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Nov '10 26

South African Baseball needs Bullpen Mounds



by Gary Kahn

In my previous article, I focused on Tyrone Baglione—a talented youngster from South Africa who played this past season for SKSB Arrows Ostrava. During my time down here in Cape Town, there are quite a number of other individuals that I would like to highlight to the European baseball community due to their impacts both at home and abroad. Additionally, I would like to take opportunities to highlight particular nuances of South African baseball—both positive and negative. For this week, I would like to outline a particular negative…

I am a firm believer that the environment an athlete is posited in has a direct effect on the individual’s development and performance. Given, many athletes worldwide have risen to superstardom after spending a poverty-ridden childhood with a lack of resources. However, it is natural to deduce that there is a positive association between proper athletics facilities and increased performance. With this pretense known now to the reader, I would like to begin this critique on South African baseball facilities in regards to the absence of bullpen mounds.

Baseball and academics have taken me to places spanning the globe and I have seen a number of idiosyncrasies in respect to baseball field setup. For example, I noticed Sweden is a big fan of the short porch in left field—Karlskoga has a “Green Monster” of a net that might only be a 260 foot shot and Rattvik has their left field foul pole at somewhere in the 240-250 feet area. This is actually quite curious due to the fact that the Scandinavian nation has an abundance of lefty hitters. Is there a problem with something like this? Absolutely not. Sure, as a pitcher, you would like the fences to be a bit farther back so you can be more challenging with your pitches. However, both teams have to deal with the same dynamic and it does not have a direct effect on a given athlete’s performance (outside of possibly the HR column in the stat book).

Enter South African baseball facilities. Each Major League club has a regulation-sized playing surface with varying degrees of field quality depending on how well manicured each club keeps their respective ‘pitch’ (as they call it down here). What the majority of the baseball clubs lack is a proper bullpen area. When a team shows up for a competition and there is no mound to utilize for warming up, respective pitchers for both sides will not adequately be prepared for competing without some sort of warm up routine off of a raised pitching surface. This can both affect their performance for the given game and also put their arms at risk for injury due to inadequate preparation before a strenuous activity. On the macro level, how can there be an efficient pitching development scheme for a club when there is not enough mound space to utilize for a multitude of pitchers at different age brackets? Without the facilities to utilize, young pitchers are at a loss in regards to development and are at a high risk of injury.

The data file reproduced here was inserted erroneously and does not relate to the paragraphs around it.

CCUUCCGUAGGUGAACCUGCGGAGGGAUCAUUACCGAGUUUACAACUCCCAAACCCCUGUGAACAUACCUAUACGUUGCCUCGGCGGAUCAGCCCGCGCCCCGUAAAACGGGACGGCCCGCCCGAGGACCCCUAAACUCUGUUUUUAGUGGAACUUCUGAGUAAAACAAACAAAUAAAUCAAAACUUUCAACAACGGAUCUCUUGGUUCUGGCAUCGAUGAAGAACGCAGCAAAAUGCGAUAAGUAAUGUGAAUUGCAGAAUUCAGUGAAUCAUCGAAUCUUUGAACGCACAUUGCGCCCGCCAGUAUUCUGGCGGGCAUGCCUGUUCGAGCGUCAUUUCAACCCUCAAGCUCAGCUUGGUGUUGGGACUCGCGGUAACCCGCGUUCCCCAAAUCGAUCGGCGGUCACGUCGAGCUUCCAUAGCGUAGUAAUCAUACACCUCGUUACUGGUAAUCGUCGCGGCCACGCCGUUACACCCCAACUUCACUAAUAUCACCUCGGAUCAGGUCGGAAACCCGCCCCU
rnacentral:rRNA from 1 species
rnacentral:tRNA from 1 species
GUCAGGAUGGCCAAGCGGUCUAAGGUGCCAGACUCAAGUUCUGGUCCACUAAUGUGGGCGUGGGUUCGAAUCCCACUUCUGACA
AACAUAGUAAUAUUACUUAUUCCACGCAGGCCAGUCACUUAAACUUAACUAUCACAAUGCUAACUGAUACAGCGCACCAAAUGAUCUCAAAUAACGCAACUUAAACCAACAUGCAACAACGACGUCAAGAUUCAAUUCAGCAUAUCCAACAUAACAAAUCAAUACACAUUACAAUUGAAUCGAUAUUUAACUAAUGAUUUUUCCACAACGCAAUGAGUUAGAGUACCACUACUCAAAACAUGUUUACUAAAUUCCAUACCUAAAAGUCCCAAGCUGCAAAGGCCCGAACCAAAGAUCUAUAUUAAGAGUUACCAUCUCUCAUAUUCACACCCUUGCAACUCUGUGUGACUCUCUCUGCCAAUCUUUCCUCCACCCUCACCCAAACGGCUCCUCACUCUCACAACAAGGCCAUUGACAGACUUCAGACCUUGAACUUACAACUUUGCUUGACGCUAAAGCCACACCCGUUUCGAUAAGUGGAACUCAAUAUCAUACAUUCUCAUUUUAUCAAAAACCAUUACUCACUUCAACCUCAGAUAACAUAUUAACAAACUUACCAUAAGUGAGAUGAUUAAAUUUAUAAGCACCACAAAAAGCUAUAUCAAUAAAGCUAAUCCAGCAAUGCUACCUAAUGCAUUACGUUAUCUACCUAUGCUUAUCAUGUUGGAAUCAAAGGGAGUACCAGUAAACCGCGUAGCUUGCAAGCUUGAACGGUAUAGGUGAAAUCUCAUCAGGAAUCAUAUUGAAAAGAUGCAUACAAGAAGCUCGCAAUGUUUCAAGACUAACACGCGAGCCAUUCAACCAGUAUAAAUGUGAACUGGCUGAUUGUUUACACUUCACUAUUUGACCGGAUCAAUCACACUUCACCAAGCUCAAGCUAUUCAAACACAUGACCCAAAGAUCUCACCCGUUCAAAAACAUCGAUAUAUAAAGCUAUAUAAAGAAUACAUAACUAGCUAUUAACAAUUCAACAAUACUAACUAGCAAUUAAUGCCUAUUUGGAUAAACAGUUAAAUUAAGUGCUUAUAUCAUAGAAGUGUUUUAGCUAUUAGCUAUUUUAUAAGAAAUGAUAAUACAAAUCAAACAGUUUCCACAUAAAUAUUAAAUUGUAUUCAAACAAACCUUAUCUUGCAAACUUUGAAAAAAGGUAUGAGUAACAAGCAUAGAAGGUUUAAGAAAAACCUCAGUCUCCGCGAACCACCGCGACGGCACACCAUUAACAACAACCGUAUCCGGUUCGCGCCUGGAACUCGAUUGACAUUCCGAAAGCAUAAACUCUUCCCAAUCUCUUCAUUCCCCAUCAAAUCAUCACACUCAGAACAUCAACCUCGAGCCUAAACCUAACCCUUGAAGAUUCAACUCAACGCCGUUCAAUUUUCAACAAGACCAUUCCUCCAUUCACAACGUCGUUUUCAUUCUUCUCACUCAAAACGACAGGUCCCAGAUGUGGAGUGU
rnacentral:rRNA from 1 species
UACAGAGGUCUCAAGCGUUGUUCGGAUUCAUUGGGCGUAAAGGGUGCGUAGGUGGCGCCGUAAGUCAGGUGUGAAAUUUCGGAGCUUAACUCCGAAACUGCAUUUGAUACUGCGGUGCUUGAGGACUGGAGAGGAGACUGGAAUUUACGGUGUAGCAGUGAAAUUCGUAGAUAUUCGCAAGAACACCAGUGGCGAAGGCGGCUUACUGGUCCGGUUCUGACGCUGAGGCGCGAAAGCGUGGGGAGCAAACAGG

So where does the fault lie–on the club level or the baseball commission level? Each baseball club has a certain budget and (if present) an amount of funding each year that it chooses to disperse in its own autonomous way. If there is enough money available to utilize for the development of pitcher’s mounds and the money goes to something arbitrary such as new alcoholic stock for the bar, then the fault does herein lie particularly on the club level. However, not many clubs in the Western Province (and South Africa in general) have the luxury of significant funding. On this tangent, the fault would lie with the South African Baseball Union in their lack of fiscal commitment to develop the sport further.

On the pretenses of arm fitness, competition preparation, and position development, it is extremely crucial for pitching mounds to be located at every baseball field. Not just the Major League complexes, but all fields in South Africa! If South Africa wants to continue competing at the highest level as well as further their success in international play (such as the upcoming World Baseball Classic), an aggressive motion needs to be taken by all clubs to join the rest of the baseball world by installing bullpen mounds for their pitchers to utilize.




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